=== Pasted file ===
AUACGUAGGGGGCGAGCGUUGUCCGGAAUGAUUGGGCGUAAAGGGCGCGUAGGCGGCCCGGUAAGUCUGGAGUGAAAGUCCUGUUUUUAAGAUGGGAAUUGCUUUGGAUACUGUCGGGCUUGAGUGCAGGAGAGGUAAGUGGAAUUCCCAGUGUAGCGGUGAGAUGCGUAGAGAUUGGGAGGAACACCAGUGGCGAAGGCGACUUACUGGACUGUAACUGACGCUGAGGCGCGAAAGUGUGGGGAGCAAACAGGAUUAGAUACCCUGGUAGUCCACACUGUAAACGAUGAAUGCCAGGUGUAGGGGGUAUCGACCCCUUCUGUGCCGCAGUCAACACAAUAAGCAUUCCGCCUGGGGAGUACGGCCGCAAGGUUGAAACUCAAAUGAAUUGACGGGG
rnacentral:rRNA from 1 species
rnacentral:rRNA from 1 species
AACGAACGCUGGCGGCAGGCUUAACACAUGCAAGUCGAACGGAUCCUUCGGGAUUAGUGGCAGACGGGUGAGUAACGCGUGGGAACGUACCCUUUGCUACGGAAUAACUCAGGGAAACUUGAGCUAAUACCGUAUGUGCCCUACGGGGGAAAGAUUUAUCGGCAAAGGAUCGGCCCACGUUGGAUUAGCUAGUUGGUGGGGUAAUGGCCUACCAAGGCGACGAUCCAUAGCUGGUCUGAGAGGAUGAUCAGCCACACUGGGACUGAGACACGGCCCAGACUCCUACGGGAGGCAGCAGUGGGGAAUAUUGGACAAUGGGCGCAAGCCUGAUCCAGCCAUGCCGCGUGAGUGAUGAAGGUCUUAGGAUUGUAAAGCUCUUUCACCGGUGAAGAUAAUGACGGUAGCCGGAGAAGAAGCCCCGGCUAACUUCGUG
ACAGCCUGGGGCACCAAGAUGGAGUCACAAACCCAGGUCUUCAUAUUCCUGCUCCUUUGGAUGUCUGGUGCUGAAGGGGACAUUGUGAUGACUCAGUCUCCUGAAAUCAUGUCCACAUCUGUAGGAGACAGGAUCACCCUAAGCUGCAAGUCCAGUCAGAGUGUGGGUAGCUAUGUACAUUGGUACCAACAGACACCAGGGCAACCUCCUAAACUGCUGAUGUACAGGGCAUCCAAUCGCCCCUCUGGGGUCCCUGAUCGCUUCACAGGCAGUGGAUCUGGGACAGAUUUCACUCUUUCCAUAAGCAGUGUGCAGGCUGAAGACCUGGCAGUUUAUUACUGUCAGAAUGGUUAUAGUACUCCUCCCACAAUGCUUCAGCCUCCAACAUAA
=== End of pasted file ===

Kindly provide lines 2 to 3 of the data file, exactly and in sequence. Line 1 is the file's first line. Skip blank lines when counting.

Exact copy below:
rnacentral:rRNA from 1 species
rnacentral:rRNA from 1 species